One of the driving factors of a Lean process is the concept of “flow”. The improvement of flow will lead to reduced waste throughout your process.
One easy way to visualize the gains that are possible with a flow improvement is to observe a simple process that isn’t set up with flow in mind. One exercise I like to do is to walk people through something that is applicable to all of us: eating.
I was recently on the road for some LSS training and found myself at the Hampton Inn in Roanoke, Virginia. Nice place with great service. But a lousy layout of their breakfast buffet. I’ll walk you through some pictures so you can get an idea of what I’m talking about.
In this photo, the customer approaches the cereal station from the right. This is the only reasonable direction of entry because that is where the bowls are stored (at a different station). So bringing the bowl over, the customer then fills the bowl with cereal, followed by a slide to the right to get some milk, and finally a return to the right in order to return to the seating section. He/she might even remember to hike around and look for a spoon before sitting down.
What’s wrong with this? Everything! First, the bowls should be right there at their point of use. (spoons too). A better flow would be right-to-left: Bowl, cereal, milk, spoon. That is the order that the items are used, and it results in customers flowing quickly back to their tables (without bumping into one another). This gets customers in and out more quickly, which results in more open tables for new customers.
Ok, pet peeve time. Coffee stations are so easy, but so often botched. This one is tragically bad. Approaching from the left the customer grabs a cup, then moves directly to the coffee. Ouch, that’s hot! Better backtrack and get a cup condom. Where’s the creamer? Oh, pardon me while I walk around anyone making tea or hot cocoa. I’ll just get a couple shots of creamer and some sugar. Now I have to go find another spoon because there are no stir sticks. By the time I’m headed back to my seat, I need something stronger than coffee.
A better approach? Try this: cup > creamer/sweetener > coffee > condom. No stir sticks or spoons are needed, because adding creamer and sweetener first negates the need for wasteful stir sticks. Add a coffee cup condom at the end if you need it (you may or may not). Flow is maintained and customers flow quickly. Don’t forget to add a poster with plenty of visuals to help customers understand the point of adding sweetener/creamer before adding coffee (who here has tried to improve a process without both involving and training those who use the process?).
Now, this is almost ok. Approach from the right and get a plate from the back corner. Oh, there are the bowls I’ll need for my cereal too. I’ll come back later to grab one (when there’s already plenty of traffic in this crowded corner). Open the warmer, grab some eggs, then slide back to the right (into the grumpy non-morning person standing too close behind me) and grab a form. Yummy powdered eggs are in my future!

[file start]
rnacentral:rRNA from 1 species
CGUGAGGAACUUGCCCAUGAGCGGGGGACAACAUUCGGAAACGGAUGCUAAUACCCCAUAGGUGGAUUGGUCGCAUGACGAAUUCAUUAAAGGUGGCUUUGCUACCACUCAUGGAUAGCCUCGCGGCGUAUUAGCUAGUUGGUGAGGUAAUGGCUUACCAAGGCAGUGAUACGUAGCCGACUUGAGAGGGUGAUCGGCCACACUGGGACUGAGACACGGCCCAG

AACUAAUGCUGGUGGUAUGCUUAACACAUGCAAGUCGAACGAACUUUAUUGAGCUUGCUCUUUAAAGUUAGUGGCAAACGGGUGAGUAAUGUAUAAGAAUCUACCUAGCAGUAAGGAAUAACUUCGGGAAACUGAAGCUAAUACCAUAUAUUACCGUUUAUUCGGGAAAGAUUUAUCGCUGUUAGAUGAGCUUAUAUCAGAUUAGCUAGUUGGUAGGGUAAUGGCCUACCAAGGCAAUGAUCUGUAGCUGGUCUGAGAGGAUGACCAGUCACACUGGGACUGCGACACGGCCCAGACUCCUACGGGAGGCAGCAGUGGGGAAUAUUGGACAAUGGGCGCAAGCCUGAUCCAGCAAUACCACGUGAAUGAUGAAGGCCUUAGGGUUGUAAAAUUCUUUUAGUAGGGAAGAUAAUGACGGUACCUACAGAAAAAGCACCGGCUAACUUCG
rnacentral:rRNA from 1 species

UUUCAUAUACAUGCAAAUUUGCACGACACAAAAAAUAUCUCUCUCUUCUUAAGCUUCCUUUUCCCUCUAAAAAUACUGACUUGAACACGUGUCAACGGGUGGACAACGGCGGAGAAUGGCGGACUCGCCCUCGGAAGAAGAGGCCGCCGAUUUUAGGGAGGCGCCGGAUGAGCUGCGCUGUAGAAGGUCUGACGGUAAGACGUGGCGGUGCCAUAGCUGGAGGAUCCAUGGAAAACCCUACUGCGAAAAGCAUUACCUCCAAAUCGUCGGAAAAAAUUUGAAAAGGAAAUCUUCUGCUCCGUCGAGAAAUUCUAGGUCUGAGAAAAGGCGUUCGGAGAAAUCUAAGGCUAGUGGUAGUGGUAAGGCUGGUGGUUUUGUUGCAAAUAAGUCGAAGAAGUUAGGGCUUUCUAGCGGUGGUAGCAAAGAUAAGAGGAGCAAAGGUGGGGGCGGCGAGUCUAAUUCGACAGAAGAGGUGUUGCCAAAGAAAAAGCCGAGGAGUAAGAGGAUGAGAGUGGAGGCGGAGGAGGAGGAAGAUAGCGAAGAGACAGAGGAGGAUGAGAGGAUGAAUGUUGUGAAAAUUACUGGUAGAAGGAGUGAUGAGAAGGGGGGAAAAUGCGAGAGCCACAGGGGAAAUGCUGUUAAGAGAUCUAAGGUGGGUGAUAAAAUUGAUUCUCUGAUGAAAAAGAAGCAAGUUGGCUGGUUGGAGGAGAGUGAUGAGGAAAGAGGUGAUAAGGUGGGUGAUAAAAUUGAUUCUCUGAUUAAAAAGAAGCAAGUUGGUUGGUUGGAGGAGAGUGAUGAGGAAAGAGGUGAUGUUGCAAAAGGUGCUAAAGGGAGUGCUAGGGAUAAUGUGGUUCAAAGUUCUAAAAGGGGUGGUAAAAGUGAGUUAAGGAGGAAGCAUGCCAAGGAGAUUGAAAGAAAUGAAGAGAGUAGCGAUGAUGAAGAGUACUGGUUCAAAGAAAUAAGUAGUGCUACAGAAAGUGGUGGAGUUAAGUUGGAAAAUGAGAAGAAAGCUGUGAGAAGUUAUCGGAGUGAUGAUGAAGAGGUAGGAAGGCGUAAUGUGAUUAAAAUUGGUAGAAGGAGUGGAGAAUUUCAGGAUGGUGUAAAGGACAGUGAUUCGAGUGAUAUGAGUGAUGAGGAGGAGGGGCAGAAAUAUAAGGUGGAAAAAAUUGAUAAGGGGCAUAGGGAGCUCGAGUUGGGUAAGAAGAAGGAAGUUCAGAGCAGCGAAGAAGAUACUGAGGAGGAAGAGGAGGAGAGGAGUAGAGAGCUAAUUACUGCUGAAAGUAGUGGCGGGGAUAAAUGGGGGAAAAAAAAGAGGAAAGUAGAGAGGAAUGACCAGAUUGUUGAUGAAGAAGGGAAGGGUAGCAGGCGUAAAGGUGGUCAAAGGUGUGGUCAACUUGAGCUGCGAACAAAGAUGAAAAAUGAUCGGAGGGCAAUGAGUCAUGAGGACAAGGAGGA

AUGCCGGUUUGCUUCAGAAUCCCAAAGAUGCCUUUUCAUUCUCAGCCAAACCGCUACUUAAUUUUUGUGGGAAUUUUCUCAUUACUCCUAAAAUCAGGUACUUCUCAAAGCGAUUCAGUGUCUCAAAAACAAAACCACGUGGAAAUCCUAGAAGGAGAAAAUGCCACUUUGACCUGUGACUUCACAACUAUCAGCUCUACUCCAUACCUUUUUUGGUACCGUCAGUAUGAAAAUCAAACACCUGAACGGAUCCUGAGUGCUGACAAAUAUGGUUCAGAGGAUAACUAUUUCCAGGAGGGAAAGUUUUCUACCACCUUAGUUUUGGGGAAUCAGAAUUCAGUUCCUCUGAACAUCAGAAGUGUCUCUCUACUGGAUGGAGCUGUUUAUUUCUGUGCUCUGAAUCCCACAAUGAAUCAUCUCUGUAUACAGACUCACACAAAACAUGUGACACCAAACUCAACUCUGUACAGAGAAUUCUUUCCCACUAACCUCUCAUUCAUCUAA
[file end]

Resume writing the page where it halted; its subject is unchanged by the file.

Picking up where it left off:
Wouldn’t it be better if the line of people could just flow in one direction? Put the forks on the other side. But don’t make us backtrack. We don’t want to get the fork up front because we need all our hands to hold our plate, open the warmer’s lid, and scoop out some food.
This must be how “spaghetti maps” got their name. Next station over is my favorite: waffles! So I walk up, and immediately lament the fact that I don’t have a plate. No worries, I’ll just step over to the other table to grab one. Then I come back and fiddle with the waffle maker, realizing that there are no instructions (and what should I do with the “apply once per day” waffle-lubricant spray?) Oh, I think I remember this from the last place: grab a cup and fill it, then put it in the waffle maker, then close it and turn it over. An alarm should sound eventually, but I don’t know when (it must have been on the instruction sheet that isn’t there). Ok, now Its ready. Slide to the left, and try to avoid the people coming from the other direction who are buttering their toast in the middle of the table. Excuse me, sorry I knocked your bagel over. Oops, gotta slide back to the right to grab some syrup. Ok, now back to the table.
Do I really have to describe what is wrong with this?
Ok, lunchtime at Subway now. I went there because I knew that their adherence to corporate standards is excellent. That means that at every Subway I go to I can count on a janky experience at the soda fountain. Walk all the way past the end of the line, then get some ice in the middle of the machine (this is an effective way to ensure that only one customer can use the machine at a time). So now I slide either left or right to get my sugar water, and now it’s time to slide back into oncoming traffic to get my lid and cup. Then on to my seat.
Finally, the person behind me can get started. Single piece flow with no parallel processing. This is how sandwiches get soggy and customers get dissatisfied. And just in case I wasn’t taking long enough, I have the opportunity to open my straw and take a sip (thanks to the little trash bin in the counter). Oops, sipped too much. Gotta refill and start over.
Let me know your thoughts by leaving a comment below.